It’s possible to delay paying capital gains tax if you transfer your business to a company in return for shares. In this case, incorporation relief means you will not pay any tax until you sell these shares.

To qualify for incorporation relief, you must:

  • Be a sole trader or in a business partnership
  • Transfer the business and all its assets (except cash) in return for shares in the company.

However, unlike other reliefs, you do not have to claim incorporation relief – you’ll get it automatically if you’re eligible. In order to work out the amount you need to pay capital gains tax on, you merely deduct the gain you made when selling your business from the market value of the shares you received.

Do I qualify for gift hold-over relief?

You may be able to claim gift hold-over relief if you give away business assets (including certain shares) or sell them for less than they’re worth in order to help the buyer. Again, this is something we can provide full support on as part of our advisory service.

In essence, gift hold-over relief will mean that you do not need to pay capital gains relief when you give away the business’ assets. This is because the person you give them to pays the tax when they sell them.

However, conditions for claiming relief depend on whether you’re giving away business assets or shares.

If you’re giving away business assets, you must:

  • be a sole trader or business partner, or have at least 5% of voting rights in a company (known as your ‘personal company’),
  • use the assets in your business or personal company.

If you’re giving away shares, they must be in a company that’s either:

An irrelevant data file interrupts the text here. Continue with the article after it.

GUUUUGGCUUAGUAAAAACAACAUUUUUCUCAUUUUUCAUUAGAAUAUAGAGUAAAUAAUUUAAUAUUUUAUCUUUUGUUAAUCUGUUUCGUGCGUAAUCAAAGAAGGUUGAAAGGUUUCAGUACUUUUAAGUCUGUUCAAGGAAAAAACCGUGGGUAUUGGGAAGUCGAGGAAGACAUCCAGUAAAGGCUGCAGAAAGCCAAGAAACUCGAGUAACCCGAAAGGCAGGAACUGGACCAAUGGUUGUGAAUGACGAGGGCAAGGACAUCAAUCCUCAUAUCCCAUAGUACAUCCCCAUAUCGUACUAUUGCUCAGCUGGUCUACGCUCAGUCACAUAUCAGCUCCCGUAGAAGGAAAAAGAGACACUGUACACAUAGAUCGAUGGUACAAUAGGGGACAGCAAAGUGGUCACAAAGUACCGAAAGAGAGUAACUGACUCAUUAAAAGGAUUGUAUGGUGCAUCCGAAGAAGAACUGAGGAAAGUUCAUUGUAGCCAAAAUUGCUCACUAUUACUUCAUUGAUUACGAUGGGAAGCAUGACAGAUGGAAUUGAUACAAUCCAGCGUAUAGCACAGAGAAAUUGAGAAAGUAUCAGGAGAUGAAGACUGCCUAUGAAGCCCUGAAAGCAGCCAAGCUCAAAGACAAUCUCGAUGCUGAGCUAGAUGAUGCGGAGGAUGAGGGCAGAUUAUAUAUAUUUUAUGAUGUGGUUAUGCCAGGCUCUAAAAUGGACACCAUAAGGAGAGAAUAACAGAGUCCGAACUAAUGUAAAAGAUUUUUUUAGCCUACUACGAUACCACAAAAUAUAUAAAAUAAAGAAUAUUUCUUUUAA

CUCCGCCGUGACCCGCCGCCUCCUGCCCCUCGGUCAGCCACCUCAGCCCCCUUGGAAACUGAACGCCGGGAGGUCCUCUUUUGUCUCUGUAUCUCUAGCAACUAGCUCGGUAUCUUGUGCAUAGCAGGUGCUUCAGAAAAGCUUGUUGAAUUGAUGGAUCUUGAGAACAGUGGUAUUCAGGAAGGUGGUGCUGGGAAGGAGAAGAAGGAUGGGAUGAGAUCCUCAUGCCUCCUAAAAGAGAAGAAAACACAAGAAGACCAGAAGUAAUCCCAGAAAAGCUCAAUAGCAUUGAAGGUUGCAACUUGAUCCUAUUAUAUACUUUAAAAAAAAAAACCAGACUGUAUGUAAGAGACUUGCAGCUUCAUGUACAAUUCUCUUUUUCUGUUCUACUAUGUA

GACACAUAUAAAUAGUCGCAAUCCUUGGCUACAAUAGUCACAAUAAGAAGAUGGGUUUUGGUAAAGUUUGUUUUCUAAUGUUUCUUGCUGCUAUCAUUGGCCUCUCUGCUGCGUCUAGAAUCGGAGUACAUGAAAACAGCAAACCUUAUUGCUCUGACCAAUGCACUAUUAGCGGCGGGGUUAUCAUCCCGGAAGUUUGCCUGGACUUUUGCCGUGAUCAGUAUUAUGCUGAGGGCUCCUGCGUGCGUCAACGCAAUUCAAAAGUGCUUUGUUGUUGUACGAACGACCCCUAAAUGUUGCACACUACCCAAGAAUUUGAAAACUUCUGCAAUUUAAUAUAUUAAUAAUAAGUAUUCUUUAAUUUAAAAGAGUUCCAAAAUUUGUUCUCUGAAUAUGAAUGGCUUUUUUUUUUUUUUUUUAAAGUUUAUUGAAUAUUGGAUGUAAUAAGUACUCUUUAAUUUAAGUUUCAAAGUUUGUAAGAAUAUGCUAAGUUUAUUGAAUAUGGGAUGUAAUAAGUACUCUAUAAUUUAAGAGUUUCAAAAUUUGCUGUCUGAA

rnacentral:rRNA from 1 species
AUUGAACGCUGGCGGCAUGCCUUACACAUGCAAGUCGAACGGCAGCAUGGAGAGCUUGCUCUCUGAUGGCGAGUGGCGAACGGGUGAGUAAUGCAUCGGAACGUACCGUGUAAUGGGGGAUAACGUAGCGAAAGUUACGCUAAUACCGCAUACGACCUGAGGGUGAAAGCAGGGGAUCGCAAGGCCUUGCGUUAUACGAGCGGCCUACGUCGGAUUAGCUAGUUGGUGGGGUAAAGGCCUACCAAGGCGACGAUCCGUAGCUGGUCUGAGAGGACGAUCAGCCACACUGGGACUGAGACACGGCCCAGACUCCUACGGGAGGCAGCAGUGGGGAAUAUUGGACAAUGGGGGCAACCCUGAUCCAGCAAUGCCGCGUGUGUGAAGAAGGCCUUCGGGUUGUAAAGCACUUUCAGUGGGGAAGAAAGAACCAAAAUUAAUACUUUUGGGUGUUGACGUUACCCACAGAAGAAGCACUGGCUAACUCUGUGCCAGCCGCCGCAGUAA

• not listed on any recognised stock exchange,
  • your personal company.

It’s worth noting that you must claim jointly with the person you give the gift to when filling out the self-assessment tax returns of both parties.

Can you claim business asset disposal relief if you sell your business at the end of the tax year?

Business asset disposal relief, which was named entrepreneurs’ relief before 2020, is the tax you pay when you sell a business and is a form of capital gains tax relief. However, a claim for entrepreneurs’ relief must be made before the first anniversary of the 31st of January following the end of the tax year in which the relevant disposal takes place.

It’s worth noting that whenever you sell a business and financial gain is made from said sale, capital gains tax must be paid. To be exact, capital gains tax applies to the overall profits made over the tax-free threshold of £12,300 and is currently charged at a rate of 20%.

Business asset disposal relief allows you to apply a lower rate of 10% capital gains tax on the profits you have made. This rate is lower than the income tax you would otherwise pay, which is 20%-basic, 40%-higher, 45%-additional. This means that business owners can benefit from keeping more profit from the sale of the business. In fact, business owners can claim business asset disposal relief more than once, as long as they don’t exceed the £1 million limit.

To be eligible for business asset disposal relief, there are a few criteria that you must meet, such as:

  • You must not have surpassed the £1 million lifetime limit.
  • You have been an employee/office holder of the limited, a sole trader or a business partner.
  • You must have owned the company for at least the last 2 years.
  • You must hold 5% of the business’s share capital and 5% of the voting share capital for at least the last 12 months.

However, if you are only selling part of your business, the part you are selling must be considered to be viable and sustainable. For instance, if you were to sell part of the business that was loss-making then you wouldn’t qualify for business asset disposal relief.

In addition, if you are selling shares rather than assets, the eligibility criteria will differ slightly.

For example:

  • The company must be a trading company, and you must have traded within the qualifying period of 2 years.
  • If the shares you are selling are from an enterprise management incentive (EMI) then they must have been acquired after 5th April 2013 and you must have had the option to purchase them 2 years before you sell them.

To calculate business asset disposal relief, you can follow these steps:

  • Firstly, you will need to work out your total taxable gain. You can do this by adding all your capital gains together (this is what you sold your shares or assets for).